Strengthening the intellectual foundation for our profession of arms.

Idea Pitch – A Cultural and Regional Training Continuum

November 8th, 2016 by James Haw

Bottom Line Up Front – An Australian Regional, Culture and Language Familiarisation Program (RCLF)

Australian Army trainer instructs Iraqi Army soldiers on group formations during a lesson at the Taji Military Complex, Iraq, 2015 Corporal Matthew Bickerton, ADF

Photo courtesy of Australian Defence Force

The Australian Army’s ability to operate in complex and human-dense environments is enhanced through cultural and regional training. If the Australian Army is to become a truly expeditionary force, able to respond rapidly to unforseen government requirements, this training must be done pre-emptively. For cultural and regional training to achieve tactical and strategic maturity it must be both relevant and continuous. This training should be generic at first with the ability to develop into specialised training. This type of program already exists within the United States Marine Corps (USMC) as the Regional, Culture and Language Familiarization Programme (RCLF). The Australian Army could adopt a similar solution – albeit on a smaller scale.

 Culture Isn’t a New Concern

First, let it be clear that there’s nothing new about addressing (or re-dressing) cultural training in the Australian Army. Without going into the external academic or international debate, below is a brief five-year synopsis:

  • 2011 – Then Vice Chief of the Defence Force, General David Hurley, observed that the Australian Defence Force needs to be ‘deeply engaged with regional countries and possess an exceptionally strong understanding of their cultures, languages, and ways of thinking’.
  • 2012 – The Australian Strategic Policy Institute released a Special Report outlining the importance of cultural training for the profession of Arms in Australia.
  • 2013 – Major Matthew Carr argued for the early placement of cultural and language training in both the soldier and officer training continuum.
  • 2014 – David Kilcullen outlined the future of coastal, connected cities and the value of cultural knowledge.
  • 2015 – Major Dan Gosling argued for the introduction of Languages Other Than English (LOTE) and cross-cultural awareness training at both ARTC and RMC-D.

The above synopsis makes it clear: people care about culture.

But Why? And So What?

“The importance of cultural awareness should not be underestimated. Culturally based conflicts between foreign troops and local populations can have significant strategic consequences. In 2012 ISAF commanders estimated that between 50 and 90% of so-called ‘green on blue’ attacks could be attributed to cultural and personal differences between Afghan and coalition forces. As part of a package of measures designed to curb the number of such attacks – which threatened to derail ISAF’s training mission and consequently its exit strategy – NATO increased cultural sensitivity programs for foreign soldiers.” Roslyn Richardson ASPI Analyst, Culture Matters for the ADF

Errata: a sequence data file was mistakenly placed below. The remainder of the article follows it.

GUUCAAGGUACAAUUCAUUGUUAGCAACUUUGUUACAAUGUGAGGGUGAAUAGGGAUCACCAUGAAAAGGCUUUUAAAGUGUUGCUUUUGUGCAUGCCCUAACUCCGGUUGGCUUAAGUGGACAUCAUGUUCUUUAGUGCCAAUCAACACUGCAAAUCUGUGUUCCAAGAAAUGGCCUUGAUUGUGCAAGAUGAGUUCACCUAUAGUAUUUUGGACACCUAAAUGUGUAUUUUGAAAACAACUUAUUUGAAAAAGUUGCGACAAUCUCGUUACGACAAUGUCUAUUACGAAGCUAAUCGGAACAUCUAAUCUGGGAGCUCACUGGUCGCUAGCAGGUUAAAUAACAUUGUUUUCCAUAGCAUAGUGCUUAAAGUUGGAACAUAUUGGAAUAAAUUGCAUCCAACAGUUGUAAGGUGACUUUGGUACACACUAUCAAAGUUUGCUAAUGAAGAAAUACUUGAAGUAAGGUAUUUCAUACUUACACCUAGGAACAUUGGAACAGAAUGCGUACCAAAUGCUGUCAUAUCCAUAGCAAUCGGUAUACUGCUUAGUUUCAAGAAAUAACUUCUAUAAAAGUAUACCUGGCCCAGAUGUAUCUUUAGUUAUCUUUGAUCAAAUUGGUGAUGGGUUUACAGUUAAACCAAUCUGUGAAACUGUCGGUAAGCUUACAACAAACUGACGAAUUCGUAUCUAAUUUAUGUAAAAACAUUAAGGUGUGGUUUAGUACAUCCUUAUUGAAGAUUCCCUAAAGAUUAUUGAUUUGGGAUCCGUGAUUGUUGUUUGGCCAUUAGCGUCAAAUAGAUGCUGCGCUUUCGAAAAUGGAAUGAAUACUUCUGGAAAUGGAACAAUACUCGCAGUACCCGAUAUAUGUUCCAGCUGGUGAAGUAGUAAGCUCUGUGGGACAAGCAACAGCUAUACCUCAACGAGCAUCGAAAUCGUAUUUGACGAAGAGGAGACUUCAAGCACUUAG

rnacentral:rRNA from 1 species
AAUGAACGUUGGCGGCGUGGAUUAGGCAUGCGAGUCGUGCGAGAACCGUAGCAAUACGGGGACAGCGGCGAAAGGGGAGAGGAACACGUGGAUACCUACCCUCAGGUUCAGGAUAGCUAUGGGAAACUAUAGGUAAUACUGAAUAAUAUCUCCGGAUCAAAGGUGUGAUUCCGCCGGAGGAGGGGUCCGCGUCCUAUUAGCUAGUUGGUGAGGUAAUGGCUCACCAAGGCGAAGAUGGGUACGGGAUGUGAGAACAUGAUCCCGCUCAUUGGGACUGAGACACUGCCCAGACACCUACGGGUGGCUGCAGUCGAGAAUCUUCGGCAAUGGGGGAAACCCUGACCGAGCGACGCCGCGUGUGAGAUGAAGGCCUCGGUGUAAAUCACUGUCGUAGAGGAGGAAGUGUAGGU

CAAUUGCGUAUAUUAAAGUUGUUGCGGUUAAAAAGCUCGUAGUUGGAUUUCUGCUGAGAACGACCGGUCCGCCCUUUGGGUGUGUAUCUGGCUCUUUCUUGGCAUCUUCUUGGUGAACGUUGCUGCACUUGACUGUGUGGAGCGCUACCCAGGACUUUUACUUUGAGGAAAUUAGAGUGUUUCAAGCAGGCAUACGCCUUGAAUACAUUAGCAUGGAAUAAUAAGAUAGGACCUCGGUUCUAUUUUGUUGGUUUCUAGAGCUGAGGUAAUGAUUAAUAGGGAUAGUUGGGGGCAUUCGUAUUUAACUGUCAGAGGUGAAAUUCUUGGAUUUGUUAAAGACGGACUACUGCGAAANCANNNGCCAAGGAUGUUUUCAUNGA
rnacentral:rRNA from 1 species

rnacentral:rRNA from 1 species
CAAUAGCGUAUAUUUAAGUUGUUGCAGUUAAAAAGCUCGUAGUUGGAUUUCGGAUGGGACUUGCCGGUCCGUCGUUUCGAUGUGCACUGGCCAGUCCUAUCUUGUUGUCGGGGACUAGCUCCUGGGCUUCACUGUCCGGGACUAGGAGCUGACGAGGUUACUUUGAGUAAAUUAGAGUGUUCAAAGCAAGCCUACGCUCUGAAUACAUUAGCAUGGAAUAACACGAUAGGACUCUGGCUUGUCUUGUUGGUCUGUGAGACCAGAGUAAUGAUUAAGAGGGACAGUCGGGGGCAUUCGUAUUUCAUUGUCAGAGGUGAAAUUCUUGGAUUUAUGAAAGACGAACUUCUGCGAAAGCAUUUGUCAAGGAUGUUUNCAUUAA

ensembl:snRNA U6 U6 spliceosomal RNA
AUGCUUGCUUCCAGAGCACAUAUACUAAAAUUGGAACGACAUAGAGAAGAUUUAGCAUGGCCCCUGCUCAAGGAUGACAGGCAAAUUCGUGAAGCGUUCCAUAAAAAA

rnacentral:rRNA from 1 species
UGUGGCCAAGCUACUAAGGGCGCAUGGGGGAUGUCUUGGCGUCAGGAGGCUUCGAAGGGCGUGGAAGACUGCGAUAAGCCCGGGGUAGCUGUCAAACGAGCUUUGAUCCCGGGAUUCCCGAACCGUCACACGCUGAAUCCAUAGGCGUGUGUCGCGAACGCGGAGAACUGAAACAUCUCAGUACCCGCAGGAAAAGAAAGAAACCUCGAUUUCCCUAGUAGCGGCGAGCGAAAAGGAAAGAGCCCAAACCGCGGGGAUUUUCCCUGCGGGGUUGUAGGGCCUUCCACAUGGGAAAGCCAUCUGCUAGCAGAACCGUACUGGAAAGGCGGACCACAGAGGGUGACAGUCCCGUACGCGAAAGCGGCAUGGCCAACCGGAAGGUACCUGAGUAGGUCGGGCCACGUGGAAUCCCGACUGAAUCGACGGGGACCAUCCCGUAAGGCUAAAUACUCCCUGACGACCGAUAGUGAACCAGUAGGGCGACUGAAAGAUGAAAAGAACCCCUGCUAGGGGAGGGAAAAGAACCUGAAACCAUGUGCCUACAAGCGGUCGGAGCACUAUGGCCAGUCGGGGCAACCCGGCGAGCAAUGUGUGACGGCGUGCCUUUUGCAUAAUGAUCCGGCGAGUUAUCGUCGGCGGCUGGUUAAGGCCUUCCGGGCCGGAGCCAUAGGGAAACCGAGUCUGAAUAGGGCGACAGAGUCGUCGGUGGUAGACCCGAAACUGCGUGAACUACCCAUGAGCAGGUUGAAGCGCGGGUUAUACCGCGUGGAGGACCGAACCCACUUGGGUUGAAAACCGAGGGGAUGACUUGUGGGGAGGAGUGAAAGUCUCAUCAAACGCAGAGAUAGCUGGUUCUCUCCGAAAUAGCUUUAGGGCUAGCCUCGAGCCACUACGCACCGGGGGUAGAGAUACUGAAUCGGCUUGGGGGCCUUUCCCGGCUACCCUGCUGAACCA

The value of cultural and language training is immense, and it is relevant to the Australian Army for five key reasons:

  1. The Australian Army will continue to operate in conflicts defined by complex human terrain, where cultural awareness enhances the ability to achieve mission success.
  1. The Australian Army will continue to conduct ‘military diplomacy’ and regional engagement tasks.
  1. Cultural training creates an environment of cultural awareness internally, as well as externally.
  1. A higher level of cultural (and behavioural) understanding is needed by those who devise tactics, strategies and lead in conflict. The effective leader needs a high degree of ‘cultural competency’ in order to adapt to increasingly diverse, remote and antagonistic cultural environments.
  1. The Australian Army will continue to work with coalition and foreign forces who do not share our values and/or language.

“The Australian Army’s experience in Iraq and Afghanistan has clearly shown that a lack of cultural understanding can have tactical and strategic effects…This raises the question of whether some form of generic cultural training could provide a mechanism for addressing both tactical and strategic objectives.” Major Matthew Carr, The Value of Generic Cultural Training

The Solution? 

Well…the USMC already has a solution. The RCLF is a career-long training and education program that begins at accession and instils, develops and sustains a language, regional and culture capability for career US Marines. This ensures that the Corps has assets within each unit to assist in operational planning and execution in all operationally significant regions of the world (see image below, courtesy of the Center for Advanced Operational Culture and Learning).

picture1